Wireless Fidelity


Wi-Fi is the wireless technology used to connect computers, tablets, smartphones and other devices to the internet.

Wi-Fi is the radio signal sent from a wireless router to a nearby device, which translates the signal into data you can see and use. The device transmits a radio signal back to the router, which connects to the internet by wire or cable.

What is a Wi-Fi network?

A WiFi network is simply an internet connection that’s shared with multiple devices in a home or business via a wireless router. The router is connected directly to your internet modem and acts as a hub to broadcast the internet signal to all your Wi-Fi enabled devices. This gives you flexibility to stay connected to the internet as long as you’re within your network coverage area.

What does Wi-Fi stand for?

Ironically, it doesn’t stand for anything. Wi-Fi, often referred to as WiFi, wifi, wi-fi or wi fi, is often thought to be short for Wireless Fidelity but there is no such thing. The term was created by a marketing firm because the wireless industry was looking for a user-friendly name to refer to some not so user-friendly technology known as IEEE 802.11. And the name stuck.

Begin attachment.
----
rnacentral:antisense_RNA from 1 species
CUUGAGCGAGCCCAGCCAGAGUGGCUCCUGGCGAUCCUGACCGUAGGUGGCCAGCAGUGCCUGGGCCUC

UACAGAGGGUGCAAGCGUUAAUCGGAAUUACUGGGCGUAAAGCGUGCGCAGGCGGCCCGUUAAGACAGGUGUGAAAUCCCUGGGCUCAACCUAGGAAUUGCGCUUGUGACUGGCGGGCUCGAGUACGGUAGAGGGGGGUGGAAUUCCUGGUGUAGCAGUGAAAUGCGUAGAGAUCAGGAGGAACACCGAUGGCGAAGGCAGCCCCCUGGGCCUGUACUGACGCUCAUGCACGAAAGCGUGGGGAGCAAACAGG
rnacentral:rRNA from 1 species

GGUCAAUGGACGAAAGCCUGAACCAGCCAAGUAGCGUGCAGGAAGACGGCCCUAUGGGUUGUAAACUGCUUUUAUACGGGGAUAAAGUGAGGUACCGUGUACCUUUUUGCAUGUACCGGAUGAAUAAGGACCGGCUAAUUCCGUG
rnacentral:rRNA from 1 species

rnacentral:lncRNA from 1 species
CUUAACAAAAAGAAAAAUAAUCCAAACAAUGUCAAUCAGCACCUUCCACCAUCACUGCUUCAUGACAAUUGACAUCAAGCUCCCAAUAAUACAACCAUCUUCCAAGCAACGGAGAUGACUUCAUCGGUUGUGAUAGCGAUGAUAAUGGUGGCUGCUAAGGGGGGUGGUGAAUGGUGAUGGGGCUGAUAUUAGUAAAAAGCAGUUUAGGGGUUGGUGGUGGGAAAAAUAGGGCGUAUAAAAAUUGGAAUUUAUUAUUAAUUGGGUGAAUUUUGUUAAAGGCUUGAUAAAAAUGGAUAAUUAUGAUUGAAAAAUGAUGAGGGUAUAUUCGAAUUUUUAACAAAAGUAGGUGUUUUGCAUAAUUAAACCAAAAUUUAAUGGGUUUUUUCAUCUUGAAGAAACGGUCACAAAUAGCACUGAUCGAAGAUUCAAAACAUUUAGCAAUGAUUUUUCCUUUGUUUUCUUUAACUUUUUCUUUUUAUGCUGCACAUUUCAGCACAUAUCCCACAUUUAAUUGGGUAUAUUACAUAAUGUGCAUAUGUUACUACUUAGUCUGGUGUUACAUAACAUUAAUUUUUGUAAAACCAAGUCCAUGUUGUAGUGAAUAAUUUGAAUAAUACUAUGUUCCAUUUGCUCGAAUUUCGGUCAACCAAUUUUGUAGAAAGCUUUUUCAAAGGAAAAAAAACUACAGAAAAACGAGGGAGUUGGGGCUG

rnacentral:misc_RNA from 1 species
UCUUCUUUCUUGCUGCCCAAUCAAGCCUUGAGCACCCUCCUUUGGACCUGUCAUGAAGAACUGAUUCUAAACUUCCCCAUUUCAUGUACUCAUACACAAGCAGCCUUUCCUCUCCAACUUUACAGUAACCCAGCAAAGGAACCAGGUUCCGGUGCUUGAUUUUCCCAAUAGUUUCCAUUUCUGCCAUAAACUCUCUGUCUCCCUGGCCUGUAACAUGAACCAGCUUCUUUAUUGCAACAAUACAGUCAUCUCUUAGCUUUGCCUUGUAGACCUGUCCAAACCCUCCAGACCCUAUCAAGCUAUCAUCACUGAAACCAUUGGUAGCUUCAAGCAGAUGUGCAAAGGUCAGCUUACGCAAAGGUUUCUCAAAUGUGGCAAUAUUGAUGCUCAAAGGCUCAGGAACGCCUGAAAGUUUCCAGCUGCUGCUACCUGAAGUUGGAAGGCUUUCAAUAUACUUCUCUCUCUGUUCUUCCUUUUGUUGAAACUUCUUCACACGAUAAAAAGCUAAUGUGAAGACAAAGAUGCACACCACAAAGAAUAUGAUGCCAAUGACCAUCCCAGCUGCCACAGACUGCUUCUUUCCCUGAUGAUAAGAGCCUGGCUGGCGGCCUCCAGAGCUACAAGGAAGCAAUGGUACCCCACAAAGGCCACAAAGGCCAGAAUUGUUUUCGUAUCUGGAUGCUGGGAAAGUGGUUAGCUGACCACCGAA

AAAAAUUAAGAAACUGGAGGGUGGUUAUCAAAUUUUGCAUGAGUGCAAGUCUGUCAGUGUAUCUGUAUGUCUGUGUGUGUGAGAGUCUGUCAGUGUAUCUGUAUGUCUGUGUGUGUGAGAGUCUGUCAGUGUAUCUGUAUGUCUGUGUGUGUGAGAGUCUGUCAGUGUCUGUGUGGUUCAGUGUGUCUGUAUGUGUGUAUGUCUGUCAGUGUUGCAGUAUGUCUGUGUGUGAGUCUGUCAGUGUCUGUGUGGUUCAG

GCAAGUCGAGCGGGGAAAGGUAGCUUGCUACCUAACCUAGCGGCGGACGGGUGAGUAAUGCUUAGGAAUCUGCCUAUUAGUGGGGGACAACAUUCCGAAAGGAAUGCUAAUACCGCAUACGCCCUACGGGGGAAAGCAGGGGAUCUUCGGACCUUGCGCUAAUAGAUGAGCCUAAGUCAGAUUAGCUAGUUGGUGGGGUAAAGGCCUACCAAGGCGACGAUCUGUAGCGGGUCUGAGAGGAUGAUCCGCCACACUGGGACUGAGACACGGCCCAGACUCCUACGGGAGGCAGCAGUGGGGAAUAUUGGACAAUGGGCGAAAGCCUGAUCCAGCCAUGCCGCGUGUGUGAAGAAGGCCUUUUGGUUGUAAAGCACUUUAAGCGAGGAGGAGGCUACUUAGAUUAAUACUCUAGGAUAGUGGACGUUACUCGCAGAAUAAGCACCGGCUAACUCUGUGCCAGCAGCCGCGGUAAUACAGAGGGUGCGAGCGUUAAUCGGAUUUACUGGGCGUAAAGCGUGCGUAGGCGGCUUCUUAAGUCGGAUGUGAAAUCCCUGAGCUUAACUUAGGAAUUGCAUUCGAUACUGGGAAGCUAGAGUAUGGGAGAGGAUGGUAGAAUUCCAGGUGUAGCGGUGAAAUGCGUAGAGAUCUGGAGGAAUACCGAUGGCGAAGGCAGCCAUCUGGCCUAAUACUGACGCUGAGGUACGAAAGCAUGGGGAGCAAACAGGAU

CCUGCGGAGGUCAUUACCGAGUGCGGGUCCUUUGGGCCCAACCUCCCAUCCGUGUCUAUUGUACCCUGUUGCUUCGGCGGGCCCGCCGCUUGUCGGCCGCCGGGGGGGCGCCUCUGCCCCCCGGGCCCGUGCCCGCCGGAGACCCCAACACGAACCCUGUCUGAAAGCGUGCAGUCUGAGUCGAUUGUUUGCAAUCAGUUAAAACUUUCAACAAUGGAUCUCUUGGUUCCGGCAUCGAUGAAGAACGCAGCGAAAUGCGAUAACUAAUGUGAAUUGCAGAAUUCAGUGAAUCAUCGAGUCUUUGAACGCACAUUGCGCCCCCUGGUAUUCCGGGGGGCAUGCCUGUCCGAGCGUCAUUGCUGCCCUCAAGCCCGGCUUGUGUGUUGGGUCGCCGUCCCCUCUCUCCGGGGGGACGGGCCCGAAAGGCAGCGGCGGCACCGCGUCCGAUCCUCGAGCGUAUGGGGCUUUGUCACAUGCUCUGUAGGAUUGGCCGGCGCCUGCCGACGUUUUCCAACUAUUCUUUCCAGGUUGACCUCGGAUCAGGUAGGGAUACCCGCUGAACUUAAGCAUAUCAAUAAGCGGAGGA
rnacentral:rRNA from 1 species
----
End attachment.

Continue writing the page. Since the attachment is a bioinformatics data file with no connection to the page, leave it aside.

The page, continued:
How does Wi-Fi work?

Wi-Fi uses radio waves to transmit data from your wireless router to your Wi-Fi enabled devices like your TV, smartphone, tablet and computer. Because they communicate with each other over airwaves, your devices and personal information can become vulnerable to hackers, cyber-attacks and other threats. This is especially true when you connect to a public Wi-Fi network at places like a coffee shop or airport. When possible, it’s best to connect to a wireless network that is password-protected or a personal hotspot.

Types of Wi-Fi connection s

Your options for connecting wirelessly at home are growing as mobile networks expand into the home internet realm. As with internet service, there are advantages and disadvantages to each type of wireless connection, such as speed and strength of signal. We’ve outlined a few of them here.


Most homes use a wireless router to access the internet these days. The pros include convenience of setup, mobility within range of the Wifi access point (router) and the ability to connect multiple devices. The cons: limited bandwidth and reduced speed as more devices are connected to the same Wifi network, as well as potential interference from other electromagnetic devices in the home.

Mobile hotspot or jetpack